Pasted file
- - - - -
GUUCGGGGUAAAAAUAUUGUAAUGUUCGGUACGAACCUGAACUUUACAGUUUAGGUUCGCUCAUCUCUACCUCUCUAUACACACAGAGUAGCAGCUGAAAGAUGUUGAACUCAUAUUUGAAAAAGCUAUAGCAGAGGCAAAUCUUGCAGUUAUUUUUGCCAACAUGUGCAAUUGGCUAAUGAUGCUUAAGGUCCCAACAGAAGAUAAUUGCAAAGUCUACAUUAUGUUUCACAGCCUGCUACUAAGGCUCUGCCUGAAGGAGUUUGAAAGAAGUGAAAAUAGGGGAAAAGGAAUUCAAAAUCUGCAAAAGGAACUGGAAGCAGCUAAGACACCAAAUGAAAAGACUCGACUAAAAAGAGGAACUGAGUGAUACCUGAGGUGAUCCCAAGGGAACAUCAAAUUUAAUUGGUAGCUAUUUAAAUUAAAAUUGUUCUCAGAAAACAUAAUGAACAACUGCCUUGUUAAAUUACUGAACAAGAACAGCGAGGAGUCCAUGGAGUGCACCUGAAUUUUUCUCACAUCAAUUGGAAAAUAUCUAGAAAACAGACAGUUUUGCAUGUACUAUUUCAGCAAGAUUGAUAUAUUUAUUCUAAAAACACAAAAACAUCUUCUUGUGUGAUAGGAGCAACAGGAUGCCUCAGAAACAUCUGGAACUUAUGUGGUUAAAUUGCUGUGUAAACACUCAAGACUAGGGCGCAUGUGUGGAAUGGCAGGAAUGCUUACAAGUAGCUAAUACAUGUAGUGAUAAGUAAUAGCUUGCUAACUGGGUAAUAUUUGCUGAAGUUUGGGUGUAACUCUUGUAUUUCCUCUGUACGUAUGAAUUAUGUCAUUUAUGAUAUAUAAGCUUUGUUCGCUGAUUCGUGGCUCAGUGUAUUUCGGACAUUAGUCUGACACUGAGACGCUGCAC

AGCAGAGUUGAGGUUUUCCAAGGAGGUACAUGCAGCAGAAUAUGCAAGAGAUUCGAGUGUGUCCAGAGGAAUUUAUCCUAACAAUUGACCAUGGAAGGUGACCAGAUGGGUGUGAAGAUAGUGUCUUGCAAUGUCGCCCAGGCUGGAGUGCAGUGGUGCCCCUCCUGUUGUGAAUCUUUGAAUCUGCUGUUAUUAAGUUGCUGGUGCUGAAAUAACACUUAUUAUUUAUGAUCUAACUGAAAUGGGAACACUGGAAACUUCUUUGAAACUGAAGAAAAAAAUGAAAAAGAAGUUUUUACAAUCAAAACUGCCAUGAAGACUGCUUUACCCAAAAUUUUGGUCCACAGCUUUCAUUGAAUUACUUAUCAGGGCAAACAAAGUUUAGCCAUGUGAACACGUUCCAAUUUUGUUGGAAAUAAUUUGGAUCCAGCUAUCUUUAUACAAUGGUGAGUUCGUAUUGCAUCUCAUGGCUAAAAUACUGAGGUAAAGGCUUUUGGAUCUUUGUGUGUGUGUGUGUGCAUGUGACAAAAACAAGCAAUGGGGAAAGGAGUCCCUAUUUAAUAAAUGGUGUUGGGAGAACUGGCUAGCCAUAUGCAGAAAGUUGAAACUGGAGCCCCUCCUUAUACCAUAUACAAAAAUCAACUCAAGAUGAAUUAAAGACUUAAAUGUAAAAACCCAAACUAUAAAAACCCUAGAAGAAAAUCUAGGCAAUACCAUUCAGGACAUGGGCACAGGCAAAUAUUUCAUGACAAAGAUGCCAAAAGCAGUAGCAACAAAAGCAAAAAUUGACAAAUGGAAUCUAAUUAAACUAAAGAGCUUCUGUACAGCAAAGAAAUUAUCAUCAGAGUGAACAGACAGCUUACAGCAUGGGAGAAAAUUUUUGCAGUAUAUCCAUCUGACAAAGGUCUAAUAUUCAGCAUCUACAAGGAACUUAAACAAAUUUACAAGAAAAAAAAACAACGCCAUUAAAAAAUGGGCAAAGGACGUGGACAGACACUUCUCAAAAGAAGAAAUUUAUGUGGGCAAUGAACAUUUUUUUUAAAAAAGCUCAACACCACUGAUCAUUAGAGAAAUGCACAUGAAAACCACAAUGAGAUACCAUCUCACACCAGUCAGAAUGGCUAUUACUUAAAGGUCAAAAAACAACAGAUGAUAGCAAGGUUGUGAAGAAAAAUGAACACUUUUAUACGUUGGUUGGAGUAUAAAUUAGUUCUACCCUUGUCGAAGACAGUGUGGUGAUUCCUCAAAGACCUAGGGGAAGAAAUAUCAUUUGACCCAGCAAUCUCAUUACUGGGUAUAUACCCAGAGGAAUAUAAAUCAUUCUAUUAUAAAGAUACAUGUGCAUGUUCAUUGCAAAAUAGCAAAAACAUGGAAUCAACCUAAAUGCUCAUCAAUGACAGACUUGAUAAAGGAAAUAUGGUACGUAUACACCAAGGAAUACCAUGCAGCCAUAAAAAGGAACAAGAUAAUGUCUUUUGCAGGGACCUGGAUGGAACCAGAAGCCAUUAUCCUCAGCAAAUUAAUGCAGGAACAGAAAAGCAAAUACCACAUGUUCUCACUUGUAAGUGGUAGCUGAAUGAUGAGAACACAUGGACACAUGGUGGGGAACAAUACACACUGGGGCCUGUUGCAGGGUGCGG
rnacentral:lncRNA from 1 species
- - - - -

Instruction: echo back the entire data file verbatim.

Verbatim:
GUUCGGGGUAAAAAUAUUGUAAUGUUCGGUACGAACCUGAACUUUACAGUUUAGGUUCGCUCAUCUCUACCUCUCUAUACACACAGAGUAGCAGCUGAAAGAUGUUGAACUCAUAUUUGAAAAAGCUAUAGCAGAGGCAAAUCUUGCAGUUAUUUUUGCCAACAUGUGCAAUUGGCUAAUGAUGCUUAAGGUCCCAACAGAAGAUAAUUGCAAAGUCUACAUUAUGUUUCACAGCCUGCUACUAAGGCUCUGCCUGAAGGAGUUUGAAAGAAGUGAAAAUAGGGGAAAAGGAAUUCAAAAUCUGCAAAAGGAACUGGAAGCAGCUAAGACACCAAAUGAAAAGACUCGACUAAAAAGAGGAACUGAGUGAUACCUGAGGUGAUCCCAAGGGAACAUCAAAUUUAAUUGGUAGCUAUUUAAAUUAAAAUUGUUCUCAGAAAACAUAAUGAACAACUGCCUUGUUAAAUUACUGAACAAGAACAGCGAGGAGUCCAUGGAGUGCACCUGAAUUUUUCUCACAUCAAUUGGAAAAUAUCUAGAAAACAGACAGUUUUGCAUGUACUAUUUCAGCAAGAUUGAUAUAUUUAUUCUAAAAACACAAAAACAUCUUCUUGUGUGAUAGGAGCAACAGGAUGCCUCAGAAACAUCUGGAACUUAUGUGGUUAAAUUGCUGUGUAAACACUCAAGACUAGGGCGCAUGUGUGGAAUGGCAGGAAUGCUUACAAGUAGCUAAUACAUGUAGUGAUAAGUAAUAGCUUGCUAACUGGGUAAUAUUUGCUGAAGUUUGGGUGUAACUCUUGUAUUUCCUCUGUACGUAUGAAUUAUGUCAUUUAUGAUAUAUAAGCUUUGUUCGCUGAUUCGUGGCUCAGUGUAUUUCGGACAUUAGUCUGACACUGAGACGCUGCAC

AGCAGAGUUGAGGUUUUCCAAGGAGGUACAUGCAGCAGAAUAUGCAAGAGAUUCGAGUGUGUCCAGAGGAAUUUAUCCUAACAAUUGACCAUGGAAGGUGACCAGAUGGGUGUGAAGAUAGUGUCUUGCAAUGUCGCCCAGGCUGGAGUGCAGUGGUGCCCCUCCUGUUGUGAAUCUUUGAAUCUGCUGUUAUUAAGUUGCUGGUGCUGAAAUAACACUUAUUAUUUAUGAUCUAACUGAAAUGGGAACACUGGAAACUUCUUUGAAACUGAAGAAAAAAAUGAAAAAGAAGUUUUUACAAUCAAAACUGCCAUGAAGACUGCUUUACCCAAAAUUUUGGUCCACAGCUUUCAUUGAAUUACUUAUCAGGGCAAACAAAGUUUAGCCAUGUGAACACGUUCCAAUUUUGUUGGAAAUAAUUUGGAUCCAGCUAUCUUUAUACAAUGGUGAGUUCGUAUUGCAUCUCAUGGCUAAAAUACUGAGGUAAAGGCUUUUGGAUCUUUGUGUGUGUGUGUGUGCAUGUGACAAAAACAAGCAAUGGGGAAAGGAGUCCCUAUUUAAUAAAUGGUGUUGGGAGAACUGGCUAGCCAUAUGCAGAAAGUUGAAACUGGAGCCCCUCCUUAUACCAUAUACAAAAAUCAACUCAAGAUGAAUUAAAGACUUAAAUGUAAAAACCCAAACUAUAAAAACCCUAGAAGAAAAUCUAGGCAAUACCAUUCAGGACAUGGGCACAGGCAAAUAUUUCAUGACAAAGAUGCCAAAAGCAGUAGCAACAAAAGCAAAAAUUGACAAAUGGAAUCUAAUUAAACUAAAGAGCUUCUGUACAGCAAAGAAAUUAUCAUCAGAGUGAACAGACAGCUUACAGCAUGGGAGAAAAUUUUUGCAGUAUAUCCAUCUGACAAAGGUCUAAUAUUCAGCAUCUACAAGGAACUUAAACAAAUUUACAAGAAAAAAAAACAACGCCAUUAAAAAAUGGGCAAAGGACGUGGACAGACACUUCUCAAAAGAAGAAAUUUAUGUGGGCAAUGAACAUUUUUUUUAAAAAAGCUCAACACCACUGAUCAUUAGAGAAAUGCACAUGAAAACCACAAUGAGAUACCAUCUCACACCAGUCAGAAUGGCUAUUACUUAAAGGUCAAAAAACAACAGAUGAUAGCAAGGUUGUGAAGAAAAAUGAACACUUUUAUACGUUGGUUGGAGUAUAAAUUAGUUCUACCCUUGUCGAAGACAGUGUGGUGAUUCCUCAAAGACCUAGGGGAAGAAAUAUCAUUUGACCCAGCAAUCUCAUUACUGGGUAUAUACCCAGAGGAAUAUAAAUCAUUCUAUUAUAAAGAUACAUGUGCAUGUUCAUUGCAAAAUAGCAAAAACAUGGAAUCAACCUAAAUGCUCAUCAAUGACAGACUUGAUAAAGGAAAUAUGGUACGUAUACACCAAGGAAUACCAUGCAGCCAUAAAAAGGAACAAGAUAAUGUCUUUUGCAGGGACCUGGAUGGAACCAGAAGCCAUUAUCCUCAGCAAAUUAAUGCAGGAACAGAAAAGCAAAUACCACAUGUUCUCACUUGUAAGUGGUAGCUGAAUGAUGAGAACACAUGGACACAUGGUGGGGAACAAUACACACUGGGGCCUGUUGCAGGGUGCGG
rnacentral:lncRNA from 1 species